Smaller generators will not be scheduled in the national electricity market under a final determination from the Australian Energy Market Commission released today. 

However, the determination makes changes to the type of information the Australian Energy Market Operator (AEMO) provides the market on whether to schedule or exempt generators.

This decision follows a request from the Australian Energy Council (AEC) to lower the threshold for scheduling generators to include 5-30MW generators. The request to change the rules was based on concerns that if there was a rapid increase in the number of smaller, largely renewable, generators this would challenge AEMO’s ability to efficiently manage the power system.

While the Commission recognises the challenges AEMO is facing forecasting and scheduling challenges, we did not find evidence to show that these smaller generators are causing them. Further, there are significant costs to connect and register a scheduled plant. These range from about $1.3-1.8million, with ongoing costs from $150,000 to $550,000 per year. This could represent a barrier to entry for smaller generators.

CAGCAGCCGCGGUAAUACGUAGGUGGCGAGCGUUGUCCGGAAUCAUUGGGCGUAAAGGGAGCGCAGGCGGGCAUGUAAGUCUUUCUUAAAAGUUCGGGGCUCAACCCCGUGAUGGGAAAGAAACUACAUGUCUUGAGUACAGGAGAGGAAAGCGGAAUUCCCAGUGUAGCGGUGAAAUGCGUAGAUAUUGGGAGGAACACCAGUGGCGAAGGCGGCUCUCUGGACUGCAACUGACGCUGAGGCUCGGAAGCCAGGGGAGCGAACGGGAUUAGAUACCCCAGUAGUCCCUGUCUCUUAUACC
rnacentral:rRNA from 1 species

Work is also underway as part of the Energy Security Board’s (ESB’s) post 2025 market reforms to consider a voluntary ‘scheduled lite’ model for smaller generators as well as work to create a two-sided energy market: the valuable tools for AEMO’s management of non-scheduled generators

Today’s final determination also makes minor amendments to the rules to improve certainty and efficiency in the connection process and generator technical performance standards.

It clarifies the conditions under which AEMO must approve non-scheduled generating unit classifications and codifies what it already does in practice by requiring AEMO to update and publish an information resource and guidelines to assist participants. 

Visit the project page for more information and contact details.